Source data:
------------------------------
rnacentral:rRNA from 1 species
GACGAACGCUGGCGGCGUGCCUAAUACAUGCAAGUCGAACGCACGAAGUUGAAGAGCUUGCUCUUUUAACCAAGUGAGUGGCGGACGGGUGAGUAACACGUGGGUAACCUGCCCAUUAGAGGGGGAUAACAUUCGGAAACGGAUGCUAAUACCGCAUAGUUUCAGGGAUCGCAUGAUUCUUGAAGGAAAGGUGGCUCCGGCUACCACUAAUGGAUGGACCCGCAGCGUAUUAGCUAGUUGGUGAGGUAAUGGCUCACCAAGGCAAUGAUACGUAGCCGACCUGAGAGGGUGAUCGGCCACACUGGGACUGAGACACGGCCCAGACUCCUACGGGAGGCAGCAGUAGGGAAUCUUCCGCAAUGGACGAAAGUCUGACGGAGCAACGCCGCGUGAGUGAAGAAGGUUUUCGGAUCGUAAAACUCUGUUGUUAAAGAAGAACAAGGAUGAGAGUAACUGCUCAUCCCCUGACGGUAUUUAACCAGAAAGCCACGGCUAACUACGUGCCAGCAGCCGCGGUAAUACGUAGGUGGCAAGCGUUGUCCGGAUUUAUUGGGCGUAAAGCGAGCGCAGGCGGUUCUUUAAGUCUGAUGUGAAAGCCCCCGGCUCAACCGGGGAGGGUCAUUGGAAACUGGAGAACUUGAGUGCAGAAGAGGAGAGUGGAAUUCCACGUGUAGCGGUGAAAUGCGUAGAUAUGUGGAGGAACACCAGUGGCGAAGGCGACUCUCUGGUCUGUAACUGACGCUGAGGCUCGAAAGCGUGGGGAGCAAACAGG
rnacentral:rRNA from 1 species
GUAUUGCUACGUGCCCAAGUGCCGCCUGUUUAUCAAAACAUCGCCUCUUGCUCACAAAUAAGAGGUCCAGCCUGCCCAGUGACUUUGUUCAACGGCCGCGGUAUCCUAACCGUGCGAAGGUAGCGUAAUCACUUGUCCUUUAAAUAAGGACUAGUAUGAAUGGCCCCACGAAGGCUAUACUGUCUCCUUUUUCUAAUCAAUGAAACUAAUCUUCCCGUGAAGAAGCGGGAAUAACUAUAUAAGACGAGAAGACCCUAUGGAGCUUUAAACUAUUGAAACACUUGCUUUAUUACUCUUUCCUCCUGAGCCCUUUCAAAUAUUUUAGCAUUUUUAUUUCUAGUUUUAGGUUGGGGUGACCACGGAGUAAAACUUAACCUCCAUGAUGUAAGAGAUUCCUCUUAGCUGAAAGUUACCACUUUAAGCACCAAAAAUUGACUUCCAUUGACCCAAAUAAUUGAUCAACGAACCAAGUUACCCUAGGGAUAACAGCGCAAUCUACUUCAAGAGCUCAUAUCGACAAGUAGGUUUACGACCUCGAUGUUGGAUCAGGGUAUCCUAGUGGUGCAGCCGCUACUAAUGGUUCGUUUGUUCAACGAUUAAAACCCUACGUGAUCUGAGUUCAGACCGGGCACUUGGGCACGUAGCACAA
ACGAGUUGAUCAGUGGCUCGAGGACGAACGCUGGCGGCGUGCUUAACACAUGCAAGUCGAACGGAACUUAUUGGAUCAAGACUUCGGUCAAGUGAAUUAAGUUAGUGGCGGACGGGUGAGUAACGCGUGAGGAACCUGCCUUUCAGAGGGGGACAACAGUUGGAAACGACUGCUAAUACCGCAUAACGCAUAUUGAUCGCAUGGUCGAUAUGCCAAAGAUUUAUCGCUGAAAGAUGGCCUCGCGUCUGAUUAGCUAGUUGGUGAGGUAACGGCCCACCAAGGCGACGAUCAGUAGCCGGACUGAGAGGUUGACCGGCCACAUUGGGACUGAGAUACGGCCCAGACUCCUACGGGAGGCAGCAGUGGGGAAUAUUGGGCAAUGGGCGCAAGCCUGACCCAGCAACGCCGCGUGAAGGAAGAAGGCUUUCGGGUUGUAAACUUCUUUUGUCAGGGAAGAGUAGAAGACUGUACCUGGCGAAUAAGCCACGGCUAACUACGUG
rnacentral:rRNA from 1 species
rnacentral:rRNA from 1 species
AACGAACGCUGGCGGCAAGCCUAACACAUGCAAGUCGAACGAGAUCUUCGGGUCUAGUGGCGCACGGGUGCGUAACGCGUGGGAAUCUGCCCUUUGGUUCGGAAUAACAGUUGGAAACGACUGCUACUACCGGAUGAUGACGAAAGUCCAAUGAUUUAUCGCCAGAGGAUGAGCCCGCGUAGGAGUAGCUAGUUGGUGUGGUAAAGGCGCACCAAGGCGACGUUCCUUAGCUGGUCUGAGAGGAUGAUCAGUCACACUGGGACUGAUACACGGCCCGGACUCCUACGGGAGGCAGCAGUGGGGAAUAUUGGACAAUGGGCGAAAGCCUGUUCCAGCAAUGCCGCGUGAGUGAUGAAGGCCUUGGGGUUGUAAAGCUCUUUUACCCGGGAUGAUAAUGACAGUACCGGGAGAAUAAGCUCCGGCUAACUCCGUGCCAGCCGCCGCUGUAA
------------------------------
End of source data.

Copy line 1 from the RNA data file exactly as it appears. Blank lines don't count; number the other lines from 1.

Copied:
rnacentral:rRNA from 1 species